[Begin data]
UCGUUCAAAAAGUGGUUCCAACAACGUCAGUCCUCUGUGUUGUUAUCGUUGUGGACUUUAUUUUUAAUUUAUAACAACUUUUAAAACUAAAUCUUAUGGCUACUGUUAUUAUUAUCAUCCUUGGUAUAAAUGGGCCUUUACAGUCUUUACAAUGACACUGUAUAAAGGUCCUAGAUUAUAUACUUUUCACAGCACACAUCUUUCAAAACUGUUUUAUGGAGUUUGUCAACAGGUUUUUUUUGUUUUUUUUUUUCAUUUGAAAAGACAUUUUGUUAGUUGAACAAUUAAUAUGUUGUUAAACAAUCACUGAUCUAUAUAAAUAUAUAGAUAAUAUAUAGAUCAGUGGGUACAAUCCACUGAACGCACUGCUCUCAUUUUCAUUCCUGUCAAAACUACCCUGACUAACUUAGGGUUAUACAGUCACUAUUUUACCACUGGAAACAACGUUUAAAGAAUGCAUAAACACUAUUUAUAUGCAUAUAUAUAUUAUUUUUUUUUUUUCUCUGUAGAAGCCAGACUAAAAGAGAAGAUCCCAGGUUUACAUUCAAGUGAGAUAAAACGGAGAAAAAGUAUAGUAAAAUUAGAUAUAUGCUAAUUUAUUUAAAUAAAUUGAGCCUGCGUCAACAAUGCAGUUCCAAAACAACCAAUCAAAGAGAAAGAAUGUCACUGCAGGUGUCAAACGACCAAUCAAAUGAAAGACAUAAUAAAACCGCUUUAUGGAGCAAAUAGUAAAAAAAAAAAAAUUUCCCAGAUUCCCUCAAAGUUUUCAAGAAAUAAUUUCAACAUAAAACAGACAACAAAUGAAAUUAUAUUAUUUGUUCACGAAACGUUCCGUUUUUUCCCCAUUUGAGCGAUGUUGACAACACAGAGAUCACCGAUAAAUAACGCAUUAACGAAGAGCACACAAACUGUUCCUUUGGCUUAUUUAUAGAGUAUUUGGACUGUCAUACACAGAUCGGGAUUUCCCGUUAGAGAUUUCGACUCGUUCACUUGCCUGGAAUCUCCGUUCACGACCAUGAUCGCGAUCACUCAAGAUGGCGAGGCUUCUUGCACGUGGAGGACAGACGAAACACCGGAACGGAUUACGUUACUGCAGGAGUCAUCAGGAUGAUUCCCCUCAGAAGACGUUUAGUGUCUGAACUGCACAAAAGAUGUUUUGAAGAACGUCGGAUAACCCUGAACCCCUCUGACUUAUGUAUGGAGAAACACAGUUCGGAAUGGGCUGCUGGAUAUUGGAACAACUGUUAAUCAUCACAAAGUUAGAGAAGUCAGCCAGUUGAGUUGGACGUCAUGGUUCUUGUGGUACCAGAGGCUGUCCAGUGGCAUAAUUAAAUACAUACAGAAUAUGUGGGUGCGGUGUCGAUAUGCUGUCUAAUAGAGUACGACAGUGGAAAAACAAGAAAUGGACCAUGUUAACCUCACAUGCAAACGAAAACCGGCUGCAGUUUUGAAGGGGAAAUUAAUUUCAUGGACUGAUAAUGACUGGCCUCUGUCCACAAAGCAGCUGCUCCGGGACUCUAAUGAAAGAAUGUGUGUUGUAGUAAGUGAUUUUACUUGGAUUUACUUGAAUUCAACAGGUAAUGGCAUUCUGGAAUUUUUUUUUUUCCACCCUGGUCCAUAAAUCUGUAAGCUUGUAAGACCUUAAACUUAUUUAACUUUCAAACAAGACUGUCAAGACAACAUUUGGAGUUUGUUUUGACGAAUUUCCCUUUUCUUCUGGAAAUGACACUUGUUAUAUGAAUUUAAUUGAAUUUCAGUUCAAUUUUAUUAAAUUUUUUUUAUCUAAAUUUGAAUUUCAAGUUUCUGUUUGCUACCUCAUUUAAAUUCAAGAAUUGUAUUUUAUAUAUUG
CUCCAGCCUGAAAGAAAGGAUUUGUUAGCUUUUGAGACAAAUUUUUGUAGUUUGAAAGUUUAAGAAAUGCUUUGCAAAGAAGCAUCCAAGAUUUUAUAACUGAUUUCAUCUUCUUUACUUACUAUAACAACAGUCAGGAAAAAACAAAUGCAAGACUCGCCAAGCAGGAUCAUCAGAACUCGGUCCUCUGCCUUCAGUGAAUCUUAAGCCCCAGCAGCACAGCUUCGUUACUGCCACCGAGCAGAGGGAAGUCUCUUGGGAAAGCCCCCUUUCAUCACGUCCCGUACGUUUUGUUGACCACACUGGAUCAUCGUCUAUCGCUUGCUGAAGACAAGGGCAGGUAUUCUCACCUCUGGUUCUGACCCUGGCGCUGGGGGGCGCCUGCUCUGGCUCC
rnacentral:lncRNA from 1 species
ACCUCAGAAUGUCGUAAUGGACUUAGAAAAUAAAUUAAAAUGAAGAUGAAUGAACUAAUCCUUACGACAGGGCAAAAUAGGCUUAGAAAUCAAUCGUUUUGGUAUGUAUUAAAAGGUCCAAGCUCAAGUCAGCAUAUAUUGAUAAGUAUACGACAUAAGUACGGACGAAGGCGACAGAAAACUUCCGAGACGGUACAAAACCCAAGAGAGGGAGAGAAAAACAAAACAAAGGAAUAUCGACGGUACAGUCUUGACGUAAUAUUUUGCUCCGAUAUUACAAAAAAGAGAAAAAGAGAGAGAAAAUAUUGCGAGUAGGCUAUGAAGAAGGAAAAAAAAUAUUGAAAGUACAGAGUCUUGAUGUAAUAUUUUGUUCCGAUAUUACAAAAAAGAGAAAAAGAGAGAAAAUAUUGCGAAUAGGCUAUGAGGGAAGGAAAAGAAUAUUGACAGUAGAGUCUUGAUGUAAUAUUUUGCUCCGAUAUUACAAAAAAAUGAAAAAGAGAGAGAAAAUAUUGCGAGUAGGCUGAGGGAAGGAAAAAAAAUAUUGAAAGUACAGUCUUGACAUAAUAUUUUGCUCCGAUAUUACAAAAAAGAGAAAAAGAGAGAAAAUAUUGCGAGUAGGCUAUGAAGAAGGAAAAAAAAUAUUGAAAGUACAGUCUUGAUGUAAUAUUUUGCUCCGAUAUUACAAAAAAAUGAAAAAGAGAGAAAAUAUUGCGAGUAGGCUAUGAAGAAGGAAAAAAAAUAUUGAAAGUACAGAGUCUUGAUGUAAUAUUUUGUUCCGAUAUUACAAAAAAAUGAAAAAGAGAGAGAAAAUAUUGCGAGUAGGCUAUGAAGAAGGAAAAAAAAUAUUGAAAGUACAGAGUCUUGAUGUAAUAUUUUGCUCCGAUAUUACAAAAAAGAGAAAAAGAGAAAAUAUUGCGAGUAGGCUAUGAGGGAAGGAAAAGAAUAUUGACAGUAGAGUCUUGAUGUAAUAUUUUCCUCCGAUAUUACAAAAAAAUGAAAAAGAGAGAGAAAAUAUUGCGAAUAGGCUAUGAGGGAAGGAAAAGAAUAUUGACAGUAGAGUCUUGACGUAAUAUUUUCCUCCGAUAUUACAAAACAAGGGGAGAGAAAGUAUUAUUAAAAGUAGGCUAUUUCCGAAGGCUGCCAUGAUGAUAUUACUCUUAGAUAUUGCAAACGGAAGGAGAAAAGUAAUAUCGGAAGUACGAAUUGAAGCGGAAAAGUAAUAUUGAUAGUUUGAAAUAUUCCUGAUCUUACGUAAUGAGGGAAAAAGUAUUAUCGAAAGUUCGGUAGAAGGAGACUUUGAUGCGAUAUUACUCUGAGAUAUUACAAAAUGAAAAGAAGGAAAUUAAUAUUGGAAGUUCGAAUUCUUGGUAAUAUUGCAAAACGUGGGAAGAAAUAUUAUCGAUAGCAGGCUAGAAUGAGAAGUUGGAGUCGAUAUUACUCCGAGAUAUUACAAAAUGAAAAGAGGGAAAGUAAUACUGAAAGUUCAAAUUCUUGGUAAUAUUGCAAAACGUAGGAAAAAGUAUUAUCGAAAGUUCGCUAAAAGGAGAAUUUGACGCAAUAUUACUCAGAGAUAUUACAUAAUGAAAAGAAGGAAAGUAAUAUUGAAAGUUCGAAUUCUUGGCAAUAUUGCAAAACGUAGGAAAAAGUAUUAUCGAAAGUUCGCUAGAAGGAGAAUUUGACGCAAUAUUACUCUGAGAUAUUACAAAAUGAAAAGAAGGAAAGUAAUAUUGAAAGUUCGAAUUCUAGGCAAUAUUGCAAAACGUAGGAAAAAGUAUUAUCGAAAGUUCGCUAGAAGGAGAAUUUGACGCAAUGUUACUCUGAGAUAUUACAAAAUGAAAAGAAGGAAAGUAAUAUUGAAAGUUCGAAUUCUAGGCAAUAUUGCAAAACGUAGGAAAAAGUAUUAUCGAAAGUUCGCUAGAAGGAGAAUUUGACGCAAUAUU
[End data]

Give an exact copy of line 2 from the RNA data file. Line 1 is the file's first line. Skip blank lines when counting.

CUCCAGCCUGAAAGAAAGGAUUUGUUAGCUUUUGAGACAAAUUUUUGUAGUUUGAAAGUUUAAGAAAUGCUUUGCAAAGAAGCAUCCAAGAUUUUAUAACUGAUUUCAUCUUCUUUACUUACUAUAACAACAGUCAGGAAAAAACAAAUGCAAGACUCGCCAAGCAGGAUCAUCAGAACUCGGUCCUCUGCCUUCAGUGAAUCUUAAGCCCCAGCAGCACAGCUUCGUUACUGCCACCGAGCAGAGGGAAGUCUCUUGGGAAAGCCCCCUUUCAUCACGUCCCGUACGUUUUGUUGACCACACUGGAUCAUCGUCUAUCGCUUGCUGAAGACAAGGGCAGGUAUUCUCACCUCUGGUUCUGACCCUGGCGCUGGGGGGCGCCUGCUCUGGCUCC